Practical epiphanies

1. A wealthy and worldly socialite, financier turned jaded art dealer, resigned to holding life at a certain ironic distance, encounters for the first time a piece of music that – in his emotional response to its phrasing and harmonies – holds out the promise of recovering authentic enthusiasm.Soon after hearing the sonata he falls in love, and its most memorable phrase becomes the leitmotif of the new couple’s relationship, the ‘national anthem of their love’; later, when his lover has proved unfaithful and they have parted ways, he unexpectedly hears the ‘little phrase’ again, causing vivid memories of the time when they were happy together to descend upon him in a rush, and with them the weight of irrecoverable loss.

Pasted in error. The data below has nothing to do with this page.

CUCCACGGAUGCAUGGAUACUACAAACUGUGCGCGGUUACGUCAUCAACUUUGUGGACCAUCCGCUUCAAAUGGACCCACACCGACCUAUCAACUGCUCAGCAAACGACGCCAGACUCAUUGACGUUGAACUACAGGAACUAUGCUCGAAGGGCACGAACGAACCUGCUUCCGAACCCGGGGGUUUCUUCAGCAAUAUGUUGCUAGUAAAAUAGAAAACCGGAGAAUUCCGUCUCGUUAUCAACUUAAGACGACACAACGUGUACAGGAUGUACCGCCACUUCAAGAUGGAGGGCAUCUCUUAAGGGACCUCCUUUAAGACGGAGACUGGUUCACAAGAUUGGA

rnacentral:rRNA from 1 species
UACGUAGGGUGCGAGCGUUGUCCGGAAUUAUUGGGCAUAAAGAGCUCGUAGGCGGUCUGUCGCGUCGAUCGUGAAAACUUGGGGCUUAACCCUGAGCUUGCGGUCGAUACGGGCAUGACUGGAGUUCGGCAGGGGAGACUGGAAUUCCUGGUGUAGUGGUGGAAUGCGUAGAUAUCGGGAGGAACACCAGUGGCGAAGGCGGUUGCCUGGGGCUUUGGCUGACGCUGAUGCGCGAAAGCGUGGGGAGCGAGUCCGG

2. When the Enlightenment values of liberty, equality and fraternity were codified in a political document, they were expressed in terms that did not confine themselves to revolutionary France, but posited a universal principle (at least for the male section of the world’s population) – ‘men are born and remain free and equal in rights’ – as well as the principle of national sovereignty. Such sentiments did not sit easily with the reality of France as a colonial power. But as the historian CLR James famously notes, the slaves of the Saint-Domingue colony recognised the declaration’s universality more forcefully than did its authors: ‘They had heard of the revolution and construed it in their own image: the white slaves of France had risen, and killed their masters, and were now enjoying the fruits of the earth … the slogans of the revolution meant far more to them than to any Frenchman.’2 Thus, via these two great revolutions – the French and the Haitian – the projects of modernity and decolonisation have been mutually imbricated from the outset.